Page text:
One thing we are tempted to buy: a Tasmanian myrtle dining room table. It's just exquisite, with the grain reminiscent of cherry, but with more depth. Hell, I can see the difference, and my artistic skills are normally relied on for, well, truth be told, nothing. Kind of a nouveau classic design (that means nothing to me, but there are evidently people who know precisely what it means. My wife, for one). It was pretty steep and we're looking into the shipping costs. Too bad you can't get this into a $14.95 FedEx World Wide Overnight bag. Still, it would be a nice memento of our time, and one that we'd use . It's a Win-Win !


I'm blogging out of order, but we made it back to Canberra, after a week in Tasmania and Melbourne.

Tasmania is an island about 120 miles off the southern coast. It's a quarantine within a quarantine: the island ecology is so distinct that you can't bring food or animal products from the mainland. It is sparsely populated, and beautiful, with a population of about 450,000.

On Sunday (Sept. 17) we visted Port Arthur, about 100 km outside of Hobart. It was established in 1830, and became a destination for transported convicts who got into trouble once they arrived in Australia (and it didn't take much). It was the prison system's prison.

And an appallingly brutal place. Intolerably cruel conditions, whippings, impossible work requirements, terrible sanitation. Most inmates were constantly in leg irons, weighing up to 30 pounds, and they faced additional discipline if they tried to keep their ankles from swelling up from the irritation. One inmate got 75 lashes for sending a letter of complaint to the prison commandant. On arrival, inmates spent up to 4 months in solitary confinement, in total sound isolation -- they were not permitted to speak, and the guards wore slippers to muffle their footsteps. Even during compulsory worship, the chapel was designed so that the men could not see each other. There was even a separate boys prison for children too young to survive in the main camp. The youngest wound up there at the age of nine. It was very strange walking through such a beautiful place, knowing what went on there.

The prison closedin 1877, and a series of brush fires around 1890 destroyed much of what was left. Now, it's mostly masonry walls and foundations.

This is the main building, which was built by the convicts. Several hundred were housed on each floor.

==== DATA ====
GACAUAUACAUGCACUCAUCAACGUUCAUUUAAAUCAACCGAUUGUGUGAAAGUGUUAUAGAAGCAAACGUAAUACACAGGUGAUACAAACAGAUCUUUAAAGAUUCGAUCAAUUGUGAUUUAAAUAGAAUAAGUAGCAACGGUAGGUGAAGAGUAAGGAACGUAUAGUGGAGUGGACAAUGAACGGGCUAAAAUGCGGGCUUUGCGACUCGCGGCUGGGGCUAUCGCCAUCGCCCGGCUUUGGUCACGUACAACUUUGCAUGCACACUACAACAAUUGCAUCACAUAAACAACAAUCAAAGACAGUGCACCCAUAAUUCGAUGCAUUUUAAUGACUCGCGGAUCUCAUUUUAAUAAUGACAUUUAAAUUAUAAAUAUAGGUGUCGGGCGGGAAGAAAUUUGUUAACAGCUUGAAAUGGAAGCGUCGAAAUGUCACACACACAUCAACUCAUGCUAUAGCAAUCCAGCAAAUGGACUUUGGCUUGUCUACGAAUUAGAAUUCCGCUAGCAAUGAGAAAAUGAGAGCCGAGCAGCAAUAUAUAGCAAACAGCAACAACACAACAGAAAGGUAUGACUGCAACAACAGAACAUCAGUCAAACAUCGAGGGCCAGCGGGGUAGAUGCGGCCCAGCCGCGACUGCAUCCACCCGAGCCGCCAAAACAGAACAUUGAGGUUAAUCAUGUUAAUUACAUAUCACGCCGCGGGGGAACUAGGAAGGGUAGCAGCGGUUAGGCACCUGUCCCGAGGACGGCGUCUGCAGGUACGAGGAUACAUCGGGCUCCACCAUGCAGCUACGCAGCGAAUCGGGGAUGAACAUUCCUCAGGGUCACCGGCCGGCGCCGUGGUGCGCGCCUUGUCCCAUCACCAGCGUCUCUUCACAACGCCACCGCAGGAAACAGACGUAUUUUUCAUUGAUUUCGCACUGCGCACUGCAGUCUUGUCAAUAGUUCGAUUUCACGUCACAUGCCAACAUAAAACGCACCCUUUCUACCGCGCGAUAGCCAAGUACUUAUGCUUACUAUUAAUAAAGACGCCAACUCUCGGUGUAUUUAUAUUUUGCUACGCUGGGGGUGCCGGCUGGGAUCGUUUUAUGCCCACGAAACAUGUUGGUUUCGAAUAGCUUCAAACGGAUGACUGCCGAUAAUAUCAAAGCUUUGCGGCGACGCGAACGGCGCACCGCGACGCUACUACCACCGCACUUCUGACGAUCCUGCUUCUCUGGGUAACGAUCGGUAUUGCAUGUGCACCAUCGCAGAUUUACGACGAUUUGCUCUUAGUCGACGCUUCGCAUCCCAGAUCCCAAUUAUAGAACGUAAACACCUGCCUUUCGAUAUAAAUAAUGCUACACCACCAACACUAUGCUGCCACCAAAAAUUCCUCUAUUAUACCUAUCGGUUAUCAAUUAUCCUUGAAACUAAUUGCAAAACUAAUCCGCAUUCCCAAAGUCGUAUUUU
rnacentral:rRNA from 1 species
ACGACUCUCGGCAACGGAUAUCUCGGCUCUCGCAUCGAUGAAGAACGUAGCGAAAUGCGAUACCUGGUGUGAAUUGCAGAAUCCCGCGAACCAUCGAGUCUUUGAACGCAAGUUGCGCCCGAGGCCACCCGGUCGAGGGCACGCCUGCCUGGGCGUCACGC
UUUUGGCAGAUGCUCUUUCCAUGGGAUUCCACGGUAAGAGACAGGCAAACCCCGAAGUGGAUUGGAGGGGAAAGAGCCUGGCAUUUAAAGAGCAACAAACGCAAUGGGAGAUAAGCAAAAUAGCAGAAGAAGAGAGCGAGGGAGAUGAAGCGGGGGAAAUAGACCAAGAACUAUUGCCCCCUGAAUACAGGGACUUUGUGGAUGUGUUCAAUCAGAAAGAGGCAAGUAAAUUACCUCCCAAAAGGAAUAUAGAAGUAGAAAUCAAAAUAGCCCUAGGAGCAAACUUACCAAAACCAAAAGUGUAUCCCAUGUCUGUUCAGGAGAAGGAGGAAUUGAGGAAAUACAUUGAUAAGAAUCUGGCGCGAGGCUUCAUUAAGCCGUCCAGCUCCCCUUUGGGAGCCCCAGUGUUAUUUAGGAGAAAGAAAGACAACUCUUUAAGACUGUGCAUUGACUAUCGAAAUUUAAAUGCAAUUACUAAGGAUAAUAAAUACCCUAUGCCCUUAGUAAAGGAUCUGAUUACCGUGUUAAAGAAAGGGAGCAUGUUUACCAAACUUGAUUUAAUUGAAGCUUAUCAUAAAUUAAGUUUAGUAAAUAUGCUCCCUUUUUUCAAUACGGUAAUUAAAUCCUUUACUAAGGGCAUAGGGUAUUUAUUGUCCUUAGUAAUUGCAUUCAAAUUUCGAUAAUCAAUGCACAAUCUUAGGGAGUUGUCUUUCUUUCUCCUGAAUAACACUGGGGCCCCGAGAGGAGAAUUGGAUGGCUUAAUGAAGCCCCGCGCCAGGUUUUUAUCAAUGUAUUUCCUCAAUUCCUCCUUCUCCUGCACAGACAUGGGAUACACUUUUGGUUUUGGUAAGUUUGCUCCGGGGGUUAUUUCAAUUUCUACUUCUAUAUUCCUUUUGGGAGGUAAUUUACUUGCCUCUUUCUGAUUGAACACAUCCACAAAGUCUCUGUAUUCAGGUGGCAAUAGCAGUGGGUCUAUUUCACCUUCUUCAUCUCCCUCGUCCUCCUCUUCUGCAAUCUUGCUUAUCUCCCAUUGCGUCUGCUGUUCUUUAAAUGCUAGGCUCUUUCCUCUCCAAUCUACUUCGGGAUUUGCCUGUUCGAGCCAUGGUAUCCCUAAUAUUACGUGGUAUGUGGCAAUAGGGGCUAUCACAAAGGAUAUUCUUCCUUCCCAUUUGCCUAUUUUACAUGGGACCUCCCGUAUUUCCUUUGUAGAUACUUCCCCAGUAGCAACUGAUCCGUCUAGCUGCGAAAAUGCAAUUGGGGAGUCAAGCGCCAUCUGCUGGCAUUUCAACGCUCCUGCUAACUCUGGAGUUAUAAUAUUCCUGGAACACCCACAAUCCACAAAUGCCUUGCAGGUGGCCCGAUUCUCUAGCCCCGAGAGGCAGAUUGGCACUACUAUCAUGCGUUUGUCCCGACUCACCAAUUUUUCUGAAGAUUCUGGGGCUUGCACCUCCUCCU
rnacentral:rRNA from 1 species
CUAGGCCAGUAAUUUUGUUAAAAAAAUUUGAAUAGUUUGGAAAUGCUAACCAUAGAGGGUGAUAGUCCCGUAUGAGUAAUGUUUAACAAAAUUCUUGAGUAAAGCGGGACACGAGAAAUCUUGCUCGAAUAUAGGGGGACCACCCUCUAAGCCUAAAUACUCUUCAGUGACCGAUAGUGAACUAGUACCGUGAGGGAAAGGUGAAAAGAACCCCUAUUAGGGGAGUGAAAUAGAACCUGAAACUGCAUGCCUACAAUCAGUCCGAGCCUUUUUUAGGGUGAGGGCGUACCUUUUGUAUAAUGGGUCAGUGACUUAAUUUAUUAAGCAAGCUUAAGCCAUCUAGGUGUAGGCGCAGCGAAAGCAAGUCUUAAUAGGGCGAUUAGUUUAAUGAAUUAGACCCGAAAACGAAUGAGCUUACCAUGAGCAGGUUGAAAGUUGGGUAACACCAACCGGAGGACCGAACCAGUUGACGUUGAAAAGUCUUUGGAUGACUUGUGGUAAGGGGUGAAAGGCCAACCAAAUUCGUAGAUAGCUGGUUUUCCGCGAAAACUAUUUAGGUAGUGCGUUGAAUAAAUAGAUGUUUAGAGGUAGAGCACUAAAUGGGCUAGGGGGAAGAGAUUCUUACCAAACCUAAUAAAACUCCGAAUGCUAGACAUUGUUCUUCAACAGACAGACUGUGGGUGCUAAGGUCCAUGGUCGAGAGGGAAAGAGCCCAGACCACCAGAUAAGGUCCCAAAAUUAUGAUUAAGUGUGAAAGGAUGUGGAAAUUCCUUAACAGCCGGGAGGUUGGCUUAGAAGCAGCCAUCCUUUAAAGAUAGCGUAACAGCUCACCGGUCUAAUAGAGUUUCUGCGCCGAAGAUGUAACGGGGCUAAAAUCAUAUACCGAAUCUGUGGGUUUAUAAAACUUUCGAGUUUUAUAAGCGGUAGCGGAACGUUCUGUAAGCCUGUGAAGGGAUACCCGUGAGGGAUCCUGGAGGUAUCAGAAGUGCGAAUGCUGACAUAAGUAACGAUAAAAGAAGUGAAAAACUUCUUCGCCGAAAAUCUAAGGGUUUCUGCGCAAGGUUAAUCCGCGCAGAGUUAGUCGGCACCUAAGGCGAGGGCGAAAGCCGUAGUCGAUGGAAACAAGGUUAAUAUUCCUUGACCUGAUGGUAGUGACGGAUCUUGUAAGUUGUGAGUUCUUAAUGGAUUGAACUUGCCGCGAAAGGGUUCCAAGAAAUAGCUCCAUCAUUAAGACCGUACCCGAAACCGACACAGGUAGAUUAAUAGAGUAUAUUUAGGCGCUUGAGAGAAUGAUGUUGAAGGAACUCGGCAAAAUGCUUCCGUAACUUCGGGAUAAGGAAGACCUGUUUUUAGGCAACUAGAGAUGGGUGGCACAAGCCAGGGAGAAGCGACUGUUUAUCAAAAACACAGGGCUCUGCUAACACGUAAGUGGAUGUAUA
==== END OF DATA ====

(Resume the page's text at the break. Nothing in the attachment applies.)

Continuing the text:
Trivial rule violations bought you up to 30 days in an isolation cell, in total darkness. One inmate had his arm amputated after being shot trying to escape. He was sent back to the work detail 3 days later, to show the others that being hurt wouldn't get you any favorable treatment.

Here's the church, which was built in 1836, also by convicts:

In April 1996, Port Arthur was also the site of the worst crime in Australian history. A young man named Martin Bryant shot and killed 35 people, and wounded 17 more. The main rampage started in a cafe on the site, where 20 people died. It's now a memorial garden. I tried to read an account of the day at the bookstore, but couldn't get through it.

Thursday, September 21, 2006


Had a wonderful adventure today in Melbourne. We were on a tram to the suburbs, trying to find a factory outlet shopping mall (Susan wanted to get some things for the kids, and the pickings in Canberra are pretty slim). A woman saw me fumbling with the map, and asked if she could help. When I told her where we were heading, she said "You'll need a ride once you get off the tram. I''ll take you there." We walked to her home, in a suburb called Mooney Place, and she invited us in for tea. all four of us. We met her dog, Toby (he was a bit cranky, having just been fixed). She then drove us to the outlet mall. She was utterly charming, and it was just extraordinary that we bumped into her. How often would that happen in New York City or Los Angeles? So, Paula, we thank you for your hospitality, and we hope to return the favor someday -- either when you visit Madison, or with some other random act of kindness.

Turns out the outlet was a bust -- not much there. But meeting Paula was more than worth the trip.

Sunday, September 17, 2006

No Posts

Sorry for not posting - we're in Tasmania, and our hotel does not have internet access. We're fine (I'm writing fron an internet cafe in Hobart), and I'll have a full report when we get to Melbourne.

Friday, September 15, 2006

Question Time

Watched it in person on Thursday. It was a typical raucus atmosphere: lots of jeering and catcalls ("you're an insolent goose!"). A point of order was rased as to whether it was appropriate for members to listen to iPods when the government ministers are ansering questions (conclusion: no). One member got tossed out, presumably for talking like a disruptive 7th grader . It was pretty comical. The speaker was challenged on why, over previous months, he had kicked out 109 members of the opposition, against 4 of the government. It was the proverbial sausage factory.

The high (or low) point came when the speaker introduce a delegation of visitors from the Republic of Vietnam, who were in the gallery. They stood up, everyone applauded, and they must have been thinking, "we get to do this?"